Administrative Law Judge says 10 years is too long for HUD to resolve a complaint; dismisses case

Administrative Law Judge Thomas C. Heinz dismissed a charge of discrimination that was issued ten years after the complaining parties filed their complaint with HUD. Judge Heinz ruled in February for a variety of reasons, that HUD could not take ten years to resolve the complaints it investigates.

Angela and Randall Bye, who are African American, filed an administrative complaint with HUD in 1992 alleging that Michael Sparks and his company, Sparks and Associates, had discriminated against them on the basis of race by refusing to rent them an apartment.

HUD completed its investigation in 1992, but did not continue processing the Byes’ complaint because Sparks had filed for bankruptcy and HUD’s counsel thought the filing precluded HUD from proceeding against him. After Sparks’s reorganization plan was approved by the bankruptcy court in 1996, HUD issued a discrimination charge against both respondents. However, HUD failed to serve the respondents with the charge because it did not have Sparks’s correct address. HUD took no action in 1997, and in 1998, it again attempted to issue a charge against the respondents using a different address. That address was incorrect and the charge was not served.

Case closed in 1999 to make “aged case numbers look better”

HUD actually closed the case administratively in 1999. According to HUD’s FHEO Director in Chicago, the case was closed “to make the aged case numbers look better.” HUD was contacted by the Leadership Council for Metropolitan Open Communities in October 2001, and the Council provided a correct address for the respondents. HUD reopened the case at that time. Judge Heinz noted that, if not for the persistence of the Leadership Council, the case probably would have remained unresolved.

In May 2002, seven months after the Leadership Council had given HUD the correct address, HUD refiled the charge and successfully served it on Sparks. HUD did not attempt to conciliate the claim before refiling the charge. The respondents moved to dismiss the charge, arguing that HUD had violated mandatory procedural requirements to attempt conciliation, causing extreme prejudice to them.

Regarding HUD’s failure to serve the respondents with a charge from 1997 to 2002, Judge Heinz wrote, “HUD failed to find and serve Respondents during this five-year period as a result of unreasonable assumptions and unexplained inaction. That failure cannot be excused.” Administrative Law Judge Heinz granted the respondents’ motion to dismiss. Judge Heinz ruled that HUD’s ten-year delay in presenting the case for adjudication was unreasonable and inexcusable and materially prejudiced the respondents’ defense. He also found that the respondents were  irreparably harmed by HUD’s failure to attempt conciliation because they were “deprived forever of their right to have a genuine opportunity to resolve the complaint quickly, efficiently, and with minimal expense before issuance of the Charge.”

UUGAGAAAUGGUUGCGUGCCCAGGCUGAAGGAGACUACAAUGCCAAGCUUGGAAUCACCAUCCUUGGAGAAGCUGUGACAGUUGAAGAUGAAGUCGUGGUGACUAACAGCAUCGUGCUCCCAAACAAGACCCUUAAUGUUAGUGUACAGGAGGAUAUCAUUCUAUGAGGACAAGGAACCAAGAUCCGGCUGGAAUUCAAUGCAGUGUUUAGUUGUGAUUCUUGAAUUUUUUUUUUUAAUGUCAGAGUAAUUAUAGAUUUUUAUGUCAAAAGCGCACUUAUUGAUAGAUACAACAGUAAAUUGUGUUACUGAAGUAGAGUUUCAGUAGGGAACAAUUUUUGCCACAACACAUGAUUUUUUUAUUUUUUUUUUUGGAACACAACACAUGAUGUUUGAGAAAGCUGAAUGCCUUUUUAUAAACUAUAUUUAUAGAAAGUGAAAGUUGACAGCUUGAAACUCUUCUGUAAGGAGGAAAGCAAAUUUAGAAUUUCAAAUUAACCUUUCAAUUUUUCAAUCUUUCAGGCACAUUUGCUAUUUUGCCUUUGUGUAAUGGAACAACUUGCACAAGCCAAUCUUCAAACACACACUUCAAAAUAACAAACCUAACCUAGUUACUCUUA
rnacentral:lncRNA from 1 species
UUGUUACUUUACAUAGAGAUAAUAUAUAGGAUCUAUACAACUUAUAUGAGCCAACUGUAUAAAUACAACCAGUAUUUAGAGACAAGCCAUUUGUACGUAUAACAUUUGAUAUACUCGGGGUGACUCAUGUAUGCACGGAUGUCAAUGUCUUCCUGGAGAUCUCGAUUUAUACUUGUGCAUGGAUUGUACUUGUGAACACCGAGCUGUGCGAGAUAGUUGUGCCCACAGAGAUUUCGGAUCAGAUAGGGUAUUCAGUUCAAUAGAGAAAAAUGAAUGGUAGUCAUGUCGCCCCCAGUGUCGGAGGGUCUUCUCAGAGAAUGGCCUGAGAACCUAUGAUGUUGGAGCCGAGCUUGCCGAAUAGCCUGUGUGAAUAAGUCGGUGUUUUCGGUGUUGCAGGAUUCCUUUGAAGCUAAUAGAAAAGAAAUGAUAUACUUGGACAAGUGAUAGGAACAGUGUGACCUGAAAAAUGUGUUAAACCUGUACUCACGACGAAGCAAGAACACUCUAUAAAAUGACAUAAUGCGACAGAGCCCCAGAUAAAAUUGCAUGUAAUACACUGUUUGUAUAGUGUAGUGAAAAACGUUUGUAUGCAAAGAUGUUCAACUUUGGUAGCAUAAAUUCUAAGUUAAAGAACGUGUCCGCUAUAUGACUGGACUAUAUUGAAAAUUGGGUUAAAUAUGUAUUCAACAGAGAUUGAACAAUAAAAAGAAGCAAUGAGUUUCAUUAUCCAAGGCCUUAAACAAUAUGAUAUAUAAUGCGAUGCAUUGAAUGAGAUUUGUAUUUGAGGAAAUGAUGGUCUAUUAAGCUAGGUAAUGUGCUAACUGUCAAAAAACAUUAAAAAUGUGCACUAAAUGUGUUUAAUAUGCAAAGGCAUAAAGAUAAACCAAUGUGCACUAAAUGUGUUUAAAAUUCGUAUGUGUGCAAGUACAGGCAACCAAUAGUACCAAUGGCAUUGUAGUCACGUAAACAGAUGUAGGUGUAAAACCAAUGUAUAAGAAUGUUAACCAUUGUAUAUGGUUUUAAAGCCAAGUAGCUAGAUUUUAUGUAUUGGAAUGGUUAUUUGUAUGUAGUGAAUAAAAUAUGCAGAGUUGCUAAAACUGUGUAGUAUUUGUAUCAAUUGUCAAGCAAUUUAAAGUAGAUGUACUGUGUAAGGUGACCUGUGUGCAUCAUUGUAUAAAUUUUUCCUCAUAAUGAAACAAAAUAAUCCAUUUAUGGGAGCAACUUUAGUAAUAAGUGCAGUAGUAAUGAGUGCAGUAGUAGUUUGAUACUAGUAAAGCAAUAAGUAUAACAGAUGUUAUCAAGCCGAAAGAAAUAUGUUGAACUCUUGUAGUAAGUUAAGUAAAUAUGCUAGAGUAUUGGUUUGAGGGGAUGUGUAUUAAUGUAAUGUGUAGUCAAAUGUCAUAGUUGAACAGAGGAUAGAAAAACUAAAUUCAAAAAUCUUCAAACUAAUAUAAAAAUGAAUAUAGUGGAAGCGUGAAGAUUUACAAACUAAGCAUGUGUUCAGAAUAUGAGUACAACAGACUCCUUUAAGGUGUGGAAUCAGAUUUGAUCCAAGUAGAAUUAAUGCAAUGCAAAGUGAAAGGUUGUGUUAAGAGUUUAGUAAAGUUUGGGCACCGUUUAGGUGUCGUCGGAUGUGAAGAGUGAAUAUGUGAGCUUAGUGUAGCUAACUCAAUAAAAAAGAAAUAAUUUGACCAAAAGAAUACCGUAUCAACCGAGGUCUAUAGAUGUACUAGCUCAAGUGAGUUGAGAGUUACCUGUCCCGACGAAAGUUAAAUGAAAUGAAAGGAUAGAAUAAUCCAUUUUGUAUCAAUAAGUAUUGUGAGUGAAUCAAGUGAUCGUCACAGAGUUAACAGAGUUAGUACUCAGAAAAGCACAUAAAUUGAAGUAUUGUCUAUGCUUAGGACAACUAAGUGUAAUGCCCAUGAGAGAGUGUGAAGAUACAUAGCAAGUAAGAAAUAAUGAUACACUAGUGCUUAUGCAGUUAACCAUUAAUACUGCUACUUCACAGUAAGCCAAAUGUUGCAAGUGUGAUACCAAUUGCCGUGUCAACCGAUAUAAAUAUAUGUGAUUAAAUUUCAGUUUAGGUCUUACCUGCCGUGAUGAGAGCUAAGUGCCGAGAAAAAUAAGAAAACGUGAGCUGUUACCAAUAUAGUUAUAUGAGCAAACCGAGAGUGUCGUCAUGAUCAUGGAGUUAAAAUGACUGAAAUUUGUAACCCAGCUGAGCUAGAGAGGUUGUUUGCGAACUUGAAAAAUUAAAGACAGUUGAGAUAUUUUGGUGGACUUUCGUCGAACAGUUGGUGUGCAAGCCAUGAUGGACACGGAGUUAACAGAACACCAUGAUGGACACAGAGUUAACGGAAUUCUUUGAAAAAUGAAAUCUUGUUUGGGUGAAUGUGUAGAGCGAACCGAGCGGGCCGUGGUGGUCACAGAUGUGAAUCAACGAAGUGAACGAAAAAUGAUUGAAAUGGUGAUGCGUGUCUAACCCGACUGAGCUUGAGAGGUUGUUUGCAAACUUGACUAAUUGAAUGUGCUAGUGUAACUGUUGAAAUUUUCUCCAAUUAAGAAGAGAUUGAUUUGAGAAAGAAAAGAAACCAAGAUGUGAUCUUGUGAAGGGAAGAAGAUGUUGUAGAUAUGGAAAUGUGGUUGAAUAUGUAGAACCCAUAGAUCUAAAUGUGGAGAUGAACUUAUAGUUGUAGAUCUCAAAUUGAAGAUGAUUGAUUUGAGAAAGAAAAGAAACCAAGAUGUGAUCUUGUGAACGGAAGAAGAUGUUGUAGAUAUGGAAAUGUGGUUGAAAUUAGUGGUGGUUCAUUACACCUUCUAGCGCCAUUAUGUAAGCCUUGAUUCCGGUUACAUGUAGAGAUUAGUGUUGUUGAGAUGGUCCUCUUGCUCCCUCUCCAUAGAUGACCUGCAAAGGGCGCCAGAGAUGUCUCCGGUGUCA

HUD failed three times to attempt conciliation, as required by the Fair Housing Act

Judge Heinz then wrote, “Before filing the Charge in October 1996, HUD was required by the Act to attempt conciliation. The agency failed to do so and repeated its failure in 1998 and 2002 when the Charge was refiled.”

Judge Heinz also noted that during the ten-year delay, HUD had lost some of Sparks’s business records. Sparks claimed that he had kept no copies of the records he turned over to HUD and that they were necessary for his defense. Heinz also pointed out that many of the witnesses in the case were now mentally impaired or missing. Heinz said it would now be nearly impossible to find some important witnesses, but it would have been easy to do so if the case had been adjudicated in 1992 or 1993.

It should be noted that it was the respondent who asked for a delay in the processing of this case, because of his bankruptcy. However, Judge Heinz noted HUD had a duty to find out whether the processing of the complaint against the respondents should have been stopped. As it turns out, bankruptcy proceedings have no bearing on the processing of the complaint, despite what HUD believed in 1992.

HUD v. Sparks
Case No. HUDALJ 05-92-1274-4 (2-14-03)
Thomas C. Heinz, Administrative Law Judge
Complaint filed: July 27, 1992
Complaint Dismissed: February 2003